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Trypanosoma cruzi infection results in an increase in intracellular cholesterol

Authors
  • Johndrow, Christopher
  • Nelson, Randin
  • Tanowitz, Herbert
  • Weiss, Louis M.
  • Nagajyothi, Fnu1, 2, 1, 3, 4, 3
  • 1 Department of Pathology
  • 2 Montefiore Medical Center
  • 3 Albert Einstein College of Medicine
  • 4 Department of Medicine
Type
Published Article
Journal
Microbes and Infection
Publisher
Elsevier
Publication Date
Jan 01, 2014
Accepted Date
Jan 13, 2014
Identifiers
DOI: 10.1016/j.micinf.2014.01.001
Source
Elsevier
Keywords
License
Unknown

Abstract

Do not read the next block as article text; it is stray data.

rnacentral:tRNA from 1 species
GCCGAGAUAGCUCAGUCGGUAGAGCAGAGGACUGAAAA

Chagasic cardiomyopathy caused by Trypanosoma cruzi is a major health concern in Latin America and among immigrant populations in non-endemic areas. T. cruzi has a high affinity for host lipoproteins and uses the low density lipoprotein receptor (LDLr) for invasion. Herein, we report that T. cruzi infection is associated with an accumulation of LDL and cholesterol in tissues in both acute and chronic murine Chagas disease. Similar findings were observed in tissue samples from a human case of Chagasic cardiomyopathy. T. cruzi infection of cultured cells displayed increased invasion with increasing cholesterol levels in the medium. Studies of infected host cells demonstrated alterations in their cholesterol regulation. T. cruzi invasion/infection via LDLr appears to be involved in changes in intracellular cholesterol homeostasis. The observed changes in intracellular lipids and associated oxidative stress due to these elevated lipids may contribute to the development of Chagasic cardiomyopathy.

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